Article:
He encourages others to join him on Warren Street, and says that he is ready to help booksellers get started. He will contribute expertise, and also stock, to create a book zone in Trenton.

"My dream is to get more bookstores on the street," he says. "Ten bookstores in five blocks, like Ann Arbor."

Classics Used and Rare Books, 117 South Warren Street, Trenton 08608; 609-394-8400.

Glen Echo Books: Firmly Rooted, Hoping to Grow

Deb Hunter has come up with a way – actually two ways – to cash in on the tide of retiring Baby Boomers. She is going to sell to them, and, at the same time, have them sell for her. Later on this summer she will open the first of what she hopes will be a large chain of independent bookstores in small towns favored by retiring Boomers. But she isn’t going to run the stores.

"I’m going to set them up and stock them," she says, "and then I’ll sell them as turnkey operations. The owners can only buy their books from me."

She expects that her idea will appeal to Boomers as both readers and would-be entrepreneurs. After all, a number of these folks, who are very possibly the last generation to grow up with reading as a major recreational activity, will enjoy browsing for good books when their 9-to-5 lives are behind them. Others will undoubtedly want something to do – and perhaps extra income – in retirement. And some of the places to which they are retiring, little towns in the south, for example, don’t have a bookstore.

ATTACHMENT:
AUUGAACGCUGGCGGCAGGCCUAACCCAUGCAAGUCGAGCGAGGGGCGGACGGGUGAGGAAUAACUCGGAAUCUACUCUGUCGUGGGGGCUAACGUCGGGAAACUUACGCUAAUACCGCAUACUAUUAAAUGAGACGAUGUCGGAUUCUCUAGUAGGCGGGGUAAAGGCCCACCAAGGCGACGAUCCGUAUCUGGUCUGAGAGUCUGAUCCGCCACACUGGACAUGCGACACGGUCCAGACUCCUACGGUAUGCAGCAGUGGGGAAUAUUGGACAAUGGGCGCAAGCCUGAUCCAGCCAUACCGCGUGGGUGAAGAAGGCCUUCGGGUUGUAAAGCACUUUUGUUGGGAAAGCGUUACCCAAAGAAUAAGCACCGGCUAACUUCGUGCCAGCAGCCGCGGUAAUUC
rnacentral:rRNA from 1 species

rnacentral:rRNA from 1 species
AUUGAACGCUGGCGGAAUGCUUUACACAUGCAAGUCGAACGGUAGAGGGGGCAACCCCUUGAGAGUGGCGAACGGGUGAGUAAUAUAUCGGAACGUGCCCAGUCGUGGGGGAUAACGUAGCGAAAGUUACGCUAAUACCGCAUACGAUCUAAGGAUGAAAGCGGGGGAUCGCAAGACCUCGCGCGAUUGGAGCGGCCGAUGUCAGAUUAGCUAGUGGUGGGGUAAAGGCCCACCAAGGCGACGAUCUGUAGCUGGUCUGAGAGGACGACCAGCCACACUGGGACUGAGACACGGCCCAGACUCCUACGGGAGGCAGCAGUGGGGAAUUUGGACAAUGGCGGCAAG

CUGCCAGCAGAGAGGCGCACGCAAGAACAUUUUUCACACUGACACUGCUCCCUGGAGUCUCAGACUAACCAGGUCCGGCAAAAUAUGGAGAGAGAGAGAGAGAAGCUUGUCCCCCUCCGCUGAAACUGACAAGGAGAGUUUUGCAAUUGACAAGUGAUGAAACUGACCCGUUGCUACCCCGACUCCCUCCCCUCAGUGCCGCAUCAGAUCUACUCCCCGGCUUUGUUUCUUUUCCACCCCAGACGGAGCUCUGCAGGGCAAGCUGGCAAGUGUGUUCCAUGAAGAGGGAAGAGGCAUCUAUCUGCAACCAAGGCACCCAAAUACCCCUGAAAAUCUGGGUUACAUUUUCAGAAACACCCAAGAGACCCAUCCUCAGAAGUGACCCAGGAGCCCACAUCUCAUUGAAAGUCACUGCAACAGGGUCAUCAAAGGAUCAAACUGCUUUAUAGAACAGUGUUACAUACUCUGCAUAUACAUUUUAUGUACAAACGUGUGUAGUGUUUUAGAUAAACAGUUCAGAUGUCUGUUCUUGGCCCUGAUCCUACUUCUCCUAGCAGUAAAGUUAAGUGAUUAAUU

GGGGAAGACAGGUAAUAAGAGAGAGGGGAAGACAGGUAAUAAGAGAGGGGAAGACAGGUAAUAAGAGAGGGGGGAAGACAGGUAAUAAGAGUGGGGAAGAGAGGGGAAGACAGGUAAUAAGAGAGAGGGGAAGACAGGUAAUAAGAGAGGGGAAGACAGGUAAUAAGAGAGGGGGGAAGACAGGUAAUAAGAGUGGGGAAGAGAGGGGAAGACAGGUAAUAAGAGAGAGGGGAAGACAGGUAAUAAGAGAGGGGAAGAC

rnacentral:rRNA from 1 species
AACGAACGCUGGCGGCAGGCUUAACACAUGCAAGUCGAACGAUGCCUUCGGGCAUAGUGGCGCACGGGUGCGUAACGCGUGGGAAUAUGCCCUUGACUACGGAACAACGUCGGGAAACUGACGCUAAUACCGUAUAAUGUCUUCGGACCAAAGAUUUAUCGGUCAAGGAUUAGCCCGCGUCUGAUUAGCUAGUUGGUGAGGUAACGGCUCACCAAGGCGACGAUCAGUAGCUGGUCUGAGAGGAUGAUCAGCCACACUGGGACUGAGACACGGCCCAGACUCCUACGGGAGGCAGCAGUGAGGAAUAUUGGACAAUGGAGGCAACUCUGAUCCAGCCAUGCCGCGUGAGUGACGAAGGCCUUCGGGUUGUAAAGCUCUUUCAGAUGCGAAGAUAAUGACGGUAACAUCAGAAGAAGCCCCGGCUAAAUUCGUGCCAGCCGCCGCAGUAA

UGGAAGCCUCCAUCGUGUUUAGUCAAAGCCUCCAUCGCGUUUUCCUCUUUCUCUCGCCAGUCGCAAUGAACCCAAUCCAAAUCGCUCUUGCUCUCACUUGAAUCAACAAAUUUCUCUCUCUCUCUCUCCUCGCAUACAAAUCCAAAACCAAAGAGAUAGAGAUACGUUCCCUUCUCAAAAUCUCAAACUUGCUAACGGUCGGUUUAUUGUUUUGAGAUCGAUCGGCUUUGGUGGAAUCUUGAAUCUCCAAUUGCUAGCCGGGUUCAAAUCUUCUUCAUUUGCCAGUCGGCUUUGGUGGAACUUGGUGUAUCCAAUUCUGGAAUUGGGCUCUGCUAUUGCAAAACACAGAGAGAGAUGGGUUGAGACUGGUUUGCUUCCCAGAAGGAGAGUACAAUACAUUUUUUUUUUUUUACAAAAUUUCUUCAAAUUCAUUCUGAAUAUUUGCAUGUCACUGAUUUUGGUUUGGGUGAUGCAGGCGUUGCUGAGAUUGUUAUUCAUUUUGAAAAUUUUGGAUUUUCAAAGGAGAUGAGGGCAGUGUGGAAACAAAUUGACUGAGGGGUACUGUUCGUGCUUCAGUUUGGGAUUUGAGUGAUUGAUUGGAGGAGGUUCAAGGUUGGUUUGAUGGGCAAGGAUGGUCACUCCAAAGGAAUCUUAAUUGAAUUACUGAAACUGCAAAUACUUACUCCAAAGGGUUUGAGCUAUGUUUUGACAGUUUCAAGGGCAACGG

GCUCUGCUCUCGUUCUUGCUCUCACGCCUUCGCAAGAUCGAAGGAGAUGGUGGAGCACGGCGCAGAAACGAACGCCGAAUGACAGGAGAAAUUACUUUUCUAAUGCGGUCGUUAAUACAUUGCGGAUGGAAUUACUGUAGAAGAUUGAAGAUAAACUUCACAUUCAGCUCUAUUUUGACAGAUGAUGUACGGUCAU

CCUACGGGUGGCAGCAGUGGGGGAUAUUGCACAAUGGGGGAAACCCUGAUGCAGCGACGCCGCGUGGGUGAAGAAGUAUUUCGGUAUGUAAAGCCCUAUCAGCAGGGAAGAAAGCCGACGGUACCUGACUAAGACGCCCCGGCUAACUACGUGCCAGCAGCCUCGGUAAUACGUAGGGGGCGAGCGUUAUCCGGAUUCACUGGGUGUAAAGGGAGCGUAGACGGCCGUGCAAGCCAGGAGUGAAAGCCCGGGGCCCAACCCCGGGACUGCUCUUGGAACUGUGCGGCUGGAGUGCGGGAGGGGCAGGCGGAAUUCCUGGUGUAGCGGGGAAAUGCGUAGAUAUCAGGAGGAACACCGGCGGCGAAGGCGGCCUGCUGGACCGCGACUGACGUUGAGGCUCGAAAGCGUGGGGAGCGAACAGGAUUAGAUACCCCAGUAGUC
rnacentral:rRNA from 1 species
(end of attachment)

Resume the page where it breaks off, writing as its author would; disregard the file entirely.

Filling the gap by providing both books and an opportunity to sell them, Hunter is opening her first Boomer-destination bookstore in Hardy, Arkansas, where, she says, "there isn’t a bookstore within 30 miles."

She came to know the town when former neighbors from Hillsborough moved there. They will be her partners in her newest venture, and there is early evidence that the idea will fly. "We already have a bid on the Hardy store," she says, "and it isn’t even open yet."

Closer to home, Hunter has opened her second bookstore in a burgeoning retirement center, but hardly an obscure one. Her Glen Echo bookstore opened at 14 Nassau Street in the fall. It joins Chicklet, a Hillsborough bookstore that carries a full range of books with a special emphasis on books for "moms and kids." That store has been open for two years.